7

For a personnal project, I intend to design a board with a temperature sensor, an MCU and a wireless "connector". I would like to have that board powered by battery. The wireless technology is not yet clear, but I am considering which MCU would be the most adapted?

I was considering the following characteristics:

  • cheap,
  • easy to place and to program,
  • low-power (and probably some sleep mode built in),
  • one 6-8 bits ADC,
  • Some I²C and/or serial connection,
  • one or more digital outputs to, e.g. light some LED.

The precision and speed are not decisive criteria, so proably an 8-bits MCU is perfectly fine.

Semi-conductors companies often provide some comparison tools but those are limited to their own products, like here, SiLabs. But I wanted to know if one/any of you had any experience in that respect, and would be able to recommand some MCU.

The Sleepy Bee or the MSP430L09x could be interesting, whereas the XLP seems overkill.

As it is a personal project, the compiler should not be too expensive, and ideally free.

Can anyone provide me any insight on that?

4

I would recommend the Arduino.

Arduino chips are absolutely the way to go! The Arduino MEGA uses the ATmega16U2 chip and meets all of your requirements. It can easily run on USB power or less.

Features
• High Performance, Low Power AVR® 8-Bit Microcontroller
• Advanced RISC Architecture
– 125 Powerful Instructions – Most Single Clock Cycle Execution
– 32 x 8 General Purpose Working Registers
– Fully Static Operation
– Up to 16 MIPS Throughput at 16 MHz
• Non-volatile Program and Data Memories
– 8K/16K/32K Bytes of In-System Self-Programmable Flash
– 512/512/1024 EEPROM
– 512/512/1024 Internal SRAM
– Write/Erase Cycles: 10,000 Flash/ 100,000 EEPROM
– Data retention: 20 years at 85C/ 100 years at 25C(1)
– Optional Boot Code Section with Independent Lock Bits
In-System Programming by on-chip Boot Program hardware-activated after
reset
True Read-While-Write Operation
– Programming Lock for Software Security
• USB 2.0 Full-speed Device Module with Interrupt on Transfer Completion
– Complies fully with Universal Serial Bus Specification REV 2.0
– 48 MHz PLL for Full-speed Bus Operation : data transfer rates at 12 Mbit/s
– Fully independant 176 bytes USB DPRAM for endpoint memory allocation
– Endpoint 0 for Control Transfers: from 8 up to 64-bytes
– 4 Programmable Endpoints:
IN or Out Directions
Bulk, Interrupt and IsochronousTransfers
Programmable maximum packet size from 8 to 64 bytes
Programmable single or double buffer
– Suspend/Resume Interrupts
– Microcontroller reset on USB Bus Reset without detach
– USB Bus Disconnection on Microcontroller Request
• Peripheral Features
– One 8-bit Timer/Counters with Separate Prescaler and Compare Mode (two 8-bit
PWM channels)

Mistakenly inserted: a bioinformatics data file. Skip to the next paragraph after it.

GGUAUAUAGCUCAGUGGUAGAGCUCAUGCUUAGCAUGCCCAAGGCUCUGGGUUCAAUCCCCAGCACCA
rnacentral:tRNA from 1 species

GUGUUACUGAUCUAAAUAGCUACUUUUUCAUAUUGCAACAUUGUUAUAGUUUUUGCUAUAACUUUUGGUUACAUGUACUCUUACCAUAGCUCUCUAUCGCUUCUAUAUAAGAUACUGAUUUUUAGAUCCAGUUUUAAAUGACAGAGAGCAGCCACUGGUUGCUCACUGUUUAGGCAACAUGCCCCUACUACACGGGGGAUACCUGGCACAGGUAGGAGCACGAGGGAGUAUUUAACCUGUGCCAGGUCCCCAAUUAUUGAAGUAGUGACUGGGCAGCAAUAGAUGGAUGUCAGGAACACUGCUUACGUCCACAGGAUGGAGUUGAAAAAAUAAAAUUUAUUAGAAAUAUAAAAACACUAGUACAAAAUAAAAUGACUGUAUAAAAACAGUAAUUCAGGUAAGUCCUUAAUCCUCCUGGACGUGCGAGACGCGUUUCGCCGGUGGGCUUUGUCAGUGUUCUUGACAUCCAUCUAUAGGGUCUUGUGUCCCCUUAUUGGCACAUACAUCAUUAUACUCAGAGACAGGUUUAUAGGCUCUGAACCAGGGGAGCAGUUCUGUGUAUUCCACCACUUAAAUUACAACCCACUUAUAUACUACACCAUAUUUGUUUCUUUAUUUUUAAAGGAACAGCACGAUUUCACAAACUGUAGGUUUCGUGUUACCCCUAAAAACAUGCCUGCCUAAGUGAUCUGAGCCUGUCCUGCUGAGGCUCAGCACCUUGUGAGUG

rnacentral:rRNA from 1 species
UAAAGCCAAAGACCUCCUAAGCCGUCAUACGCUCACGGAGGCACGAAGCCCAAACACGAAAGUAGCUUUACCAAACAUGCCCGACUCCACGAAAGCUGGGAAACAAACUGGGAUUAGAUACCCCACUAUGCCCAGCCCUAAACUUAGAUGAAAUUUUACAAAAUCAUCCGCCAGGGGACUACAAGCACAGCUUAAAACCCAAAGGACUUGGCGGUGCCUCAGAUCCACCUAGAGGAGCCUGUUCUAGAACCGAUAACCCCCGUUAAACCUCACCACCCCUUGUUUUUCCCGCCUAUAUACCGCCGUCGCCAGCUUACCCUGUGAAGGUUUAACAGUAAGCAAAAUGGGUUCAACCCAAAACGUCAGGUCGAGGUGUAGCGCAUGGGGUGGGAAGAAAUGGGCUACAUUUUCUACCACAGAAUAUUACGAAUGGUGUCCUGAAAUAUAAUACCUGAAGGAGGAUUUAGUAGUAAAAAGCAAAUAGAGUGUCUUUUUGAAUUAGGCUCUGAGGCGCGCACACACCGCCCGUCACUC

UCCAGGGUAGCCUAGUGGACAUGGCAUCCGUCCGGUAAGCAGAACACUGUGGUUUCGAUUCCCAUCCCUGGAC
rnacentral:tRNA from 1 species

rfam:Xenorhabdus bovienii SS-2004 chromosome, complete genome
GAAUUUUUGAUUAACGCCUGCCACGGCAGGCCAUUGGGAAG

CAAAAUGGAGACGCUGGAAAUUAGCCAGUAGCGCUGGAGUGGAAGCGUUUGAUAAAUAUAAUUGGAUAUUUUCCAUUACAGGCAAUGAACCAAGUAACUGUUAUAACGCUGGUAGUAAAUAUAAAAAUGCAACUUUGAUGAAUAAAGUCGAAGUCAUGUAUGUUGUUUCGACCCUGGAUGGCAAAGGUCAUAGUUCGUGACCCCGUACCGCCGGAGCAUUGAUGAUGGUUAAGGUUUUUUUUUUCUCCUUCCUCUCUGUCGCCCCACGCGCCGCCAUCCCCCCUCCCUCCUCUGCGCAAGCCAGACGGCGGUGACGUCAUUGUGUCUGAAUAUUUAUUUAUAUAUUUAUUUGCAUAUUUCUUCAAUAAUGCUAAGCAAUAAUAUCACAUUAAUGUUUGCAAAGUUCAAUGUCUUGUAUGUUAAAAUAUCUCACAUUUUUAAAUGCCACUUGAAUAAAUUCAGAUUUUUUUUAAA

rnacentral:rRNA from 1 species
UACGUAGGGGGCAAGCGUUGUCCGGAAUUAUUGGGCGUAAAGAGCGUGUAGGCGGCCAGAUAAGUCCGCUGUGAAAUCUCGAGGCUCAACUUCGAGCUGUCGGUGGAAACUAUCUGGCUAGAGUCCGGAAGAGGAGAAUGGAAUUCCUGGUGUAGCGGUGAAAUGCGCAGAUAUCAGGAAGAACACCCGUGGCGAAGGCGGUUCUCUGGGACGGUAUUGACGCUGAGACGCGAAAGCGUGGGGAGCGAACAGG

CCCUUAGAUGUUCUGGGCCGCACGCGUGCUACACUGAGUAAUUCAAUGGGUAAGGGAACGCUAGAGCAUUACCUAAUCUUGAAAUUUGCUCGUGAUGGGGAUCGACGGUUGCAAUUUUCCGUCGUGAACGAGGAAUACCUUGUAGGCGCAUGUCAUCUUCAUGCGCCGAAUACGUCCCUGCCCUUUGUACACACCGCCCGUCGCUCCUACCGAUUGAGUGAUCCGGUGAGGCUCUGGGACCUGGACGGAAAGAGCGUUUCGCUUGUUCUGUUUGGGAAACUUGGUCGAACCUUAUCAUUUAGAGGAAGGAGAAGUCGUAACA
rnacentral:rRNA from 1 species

– One 16-bit Timer/Counter with Separate Prescaler, Compare and Capture Mode
(three 8-bit PWM channels)
– USART with SPI master only mode and hardware flow control (RTS/CTS)
– Master/Slave SPI Serial Interface
– Programmable Watchdog Timer with Separate On-chip Oscillator
– On-chip Analog Comparator
– Interrupt and Wake-up on Pin Change
• On Chip Debug Interface (debugWIRE)
• Special Microcontroller Features
– Power-On Reset and Programmable Brown-out Detection
– Internal Calibrated Oscillator
– External and Internal Interrupt Sources
– Five Sleep Modes: Idle, Power-save, Power-down, Standby, and Extended Standby
• I/O and Packages
– 22 Programmable I/O Lines
– QFN32 (5x5mm) / TQFP32 packages
• Operating Voltages
– 2.7 - 5.5V
• Operating temperature
– Industrial (-40°C to +85°C)
• Maximum Frequency
– 8 MHz at 2.7V - Industrial range
– 16 MHz at 4.5V - Industrial range
1

The Arduino is probably one of the best options out there. Another board that you might find interesting is the SimpleLink Wi-FI CC3200 Launchpad. You can program the board via two ways, which are Code Composer Studio (CCS) by TI and Energia (which is basically an Arduino IDE fork). There is a MOD version of this board, but the only major difference is that some of the passives are integrated into a module (helpful if you plan to spin a PCB based on this MCU at a later stage).

Both of them are free to use, and depending on your background in embedded systems, you might find CCS rather helpful in fine tuning it to what you want. As for the sleep modes, I think you have 4 power modes to work with, so low power should not be a problem.

Links:

http://www.ti.com/tool/cc3200-launchxl

http://www.ti.com/product/cc3200

EDIT:

Sorry for not being more detailed on the MCU. Here are some of the highlights of this MCU:

ARM Cortex-M4 Core at 80 MHz - Embedded Memory Options

  • Integrated Serial

  • RAM (up to 256KB)

  • Peripheral Drivers in ROM

  • Hardware Crypto Engine for Advanced Hardware Security Including

  • AES, DES, and 3DES

  • SHA and MD5

  • CRC and Checksum

  • 8-Bit, Fast, Parallel Camera Interface

  • 1 Multichannel Audio Serial Port (McASP)

Interface With Support for I2S Format

– 1 SD (MMC) Interface

– 32-Channel Micro Direct Memory Access (μDMA)

– 2 Universal Asynchronous Receivers/Transmitters (UARTs)

– 2 Serial Peripheral Interfaces (SPIs)

– 1 Inter-integrated Circuit (I2C)

– 4 General-Purpose Timers (GPTs)

– 16-Bit Pulse-Width Modulation (PWM) Mode

– 1 Watchdog Timer Module

– 4-Channel 12-Bit Analog-to-Digital Converters (ADCs) – Up to 25 Individually Programmable GPIO Pins

It is a 32 bit ARM processor, but it can definitely do pretty low power stuff. This is the datasheet for the CC3200MOD. http://www.ti.com/lit/ds/symlink/cc3200mod.pdf

Current consumption numbers are on page 27.

  • Could you add some information about the MCU on that board? As I am asking for the MCU, not a final board... – clem steredenn Nov 12 '15 at 6:09

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